I typically have headphones on when I'm home in New York, whether it's during a jog or a commute. I often crank the volume up, at the risk of hearing loss, so that I could hear my favorite podcasts over loud subways and honking cars.
I was excited to see noise-cancelling technology in Sony's new Xperia Z2 smartphone. I've resisted investing in pricey noise-cancelling sets because I'm prone to lose or break them. If it's going to be built into a phone, perhaps I can use that instead of my iPod.
Alas, I find the new feature to be more promise than practical, based on the brief time I had with the phone at this week's Mobile World Congress wireless show in Barcelona, Spain.
But first, I'll go through other features that may appeal to some people. The phone is due to come out in March. Sony hasn't announced a price, though its phones typically sell for $500 to $600 in the U.S. without subsidies or a contract.
Sony's smartphones are distinctive in being waterproof. It's not something I've felt that I've needed, but you might find it useful if you work as a lifeguard or live near a beach.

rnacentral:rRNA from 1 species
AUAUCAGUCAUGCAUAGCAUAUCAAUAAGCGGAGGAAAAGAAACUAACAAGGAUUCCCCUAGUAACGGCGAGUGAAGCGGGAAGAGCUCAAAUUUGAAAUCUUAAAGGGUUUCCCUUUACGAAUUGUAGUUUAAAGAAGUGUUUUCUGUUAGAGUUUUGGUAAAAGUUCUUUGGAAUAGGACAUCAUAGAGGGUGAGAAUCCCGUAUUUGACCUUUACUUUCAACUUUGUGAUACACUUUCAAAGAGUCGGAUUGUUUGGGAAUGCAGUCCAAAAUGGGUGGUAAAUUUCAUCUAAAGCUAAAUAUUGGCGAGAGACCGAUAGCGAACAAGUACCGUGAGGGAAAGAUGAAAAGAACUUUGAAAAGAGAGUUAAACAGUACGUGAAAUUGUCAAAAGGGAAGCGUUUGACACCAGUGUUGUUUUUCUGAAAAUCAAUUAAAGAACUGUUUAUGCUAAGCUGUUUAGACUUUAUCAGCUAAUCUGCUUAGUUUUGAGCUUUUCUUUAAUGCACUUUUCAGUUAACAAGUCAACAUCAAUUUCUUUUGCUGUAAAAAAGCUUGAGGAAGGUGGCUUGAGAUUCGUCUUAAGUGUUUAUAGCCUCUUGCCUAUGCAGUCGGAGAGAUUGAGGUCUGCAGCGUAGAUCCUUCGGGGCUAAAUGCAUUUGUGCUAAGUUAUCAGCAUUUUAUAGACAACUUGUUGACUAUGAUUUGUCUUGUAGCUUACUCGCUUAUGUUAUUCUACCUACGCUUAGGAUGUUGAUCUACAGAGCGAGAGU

That's even better than the 16 megapixels in Samsung's new Galaxy S5. But lens quality and the focus mechanism are also important. I didn't get to try out the Z2's camera, but it's the same one in the Xperia Z1s, which I've had mixed results with.
4K video recording
It's impressive that the phone can capture video with four times the details as full high-definition video. But 4K displays are still expensive, so you won't appreciate the extra sharpness for a while. It's more for people who want to take quality video now for the day 4K becomes more common.
Now, back to the noise. The phone analyzes ambient noise and produces a countering signal. In simple terms, if the noise is a 7, the phone subtracts 7 to bring it to zero. If the noise is a 5, the phone subtracts 5.
Unfortunately, it requires special in-ear headphones, which Sony is selling for 60 euros ($82). A sensor in the earpiece detects the noise, so the phone knows what countering signal to send. This approach keeps the headphones smaller and cheaper than typical noise-cancelling headphones.
Noise cancellation is optimized for the office, for planes and for buses or trains. You choose one in the settings.
I tried the headphones surrounded by simulated train and plane noise. The technology works, but it doesn't filter out the external noise completely. It also requires me to press the earpiece deep into my ears to notice a difference.
Sony tells me the earpiece covers come in three sizes, so a larger one might have helped. I look forward to testing the feature more thoroughly.
For now, I'll keep my iPod.
MWC 2014 in pictures